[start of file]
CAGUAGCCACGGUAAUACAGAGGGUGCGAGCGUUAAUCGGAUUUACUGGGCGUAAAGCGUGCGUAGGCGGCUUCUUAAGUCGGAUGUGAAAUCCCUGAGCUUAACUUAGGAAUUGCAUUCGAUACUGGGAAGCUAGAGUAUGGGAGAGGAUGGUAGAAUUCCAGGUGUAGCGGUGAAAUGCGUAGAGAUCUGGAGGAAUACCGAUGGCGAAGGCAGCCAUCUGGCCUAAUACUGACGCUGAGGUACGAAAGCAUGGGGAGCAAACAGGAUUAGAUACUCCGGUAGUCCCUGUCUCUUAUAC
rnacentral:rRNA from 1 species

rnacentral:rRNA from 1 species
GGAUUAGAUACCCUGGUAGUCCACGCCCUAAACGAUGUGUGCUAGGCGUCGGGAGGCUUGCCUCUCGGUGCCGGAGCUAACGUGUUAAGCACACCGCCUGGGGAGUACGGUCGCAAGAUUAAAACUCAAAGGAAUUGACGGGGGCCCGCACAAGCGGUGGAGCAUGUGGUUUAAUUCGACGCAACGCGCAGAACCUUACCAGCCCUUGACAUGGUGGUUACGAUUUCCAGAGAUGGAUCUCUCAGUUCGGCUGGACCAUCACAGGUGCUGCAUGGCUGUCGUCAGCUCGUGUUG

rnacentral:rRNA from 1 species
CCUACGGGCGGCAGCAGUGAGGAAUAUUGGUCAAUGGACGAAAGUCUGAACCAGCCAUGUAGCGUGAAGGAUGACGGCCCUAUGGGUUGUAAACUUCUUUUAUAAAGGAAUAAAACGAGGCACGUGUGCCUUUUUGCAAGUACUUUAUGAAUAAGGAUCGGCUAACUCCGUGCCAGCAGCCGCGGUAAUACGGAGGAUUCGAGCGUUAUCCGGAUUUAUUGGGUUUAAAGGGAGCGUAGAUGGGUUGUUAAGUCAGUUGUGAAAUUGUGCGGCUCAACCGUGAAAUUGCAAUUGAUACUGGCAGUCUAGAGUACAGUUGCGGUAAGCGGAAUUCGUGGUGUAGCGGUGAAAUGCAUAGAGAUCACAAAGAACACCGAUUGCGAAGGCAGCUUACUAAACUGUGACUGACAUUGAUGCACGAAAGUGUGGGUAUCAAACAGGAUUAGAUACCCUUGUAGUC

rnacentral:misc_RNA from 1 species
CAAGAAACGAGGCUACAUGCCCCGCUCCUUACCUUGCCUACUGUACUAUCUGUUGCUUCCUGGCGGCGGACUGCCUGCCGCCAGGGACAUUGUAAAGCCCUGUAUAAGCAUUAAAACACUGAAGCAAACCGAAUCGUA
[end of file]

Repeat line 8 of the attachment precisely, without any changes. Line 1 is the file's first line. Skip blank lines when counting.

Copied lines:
CAAGAAACGAGGCUACAUGCCCCGCUCCUUACCUUGCCUACUGUACUAUCUGUUGCUUCCUGGCGGCGGACUGCCUGCCGCCAGGGACAUUGUAAAGCCCUGUAUAAGCAUUAAAACACUGAAGCAAACCGAAUCGUA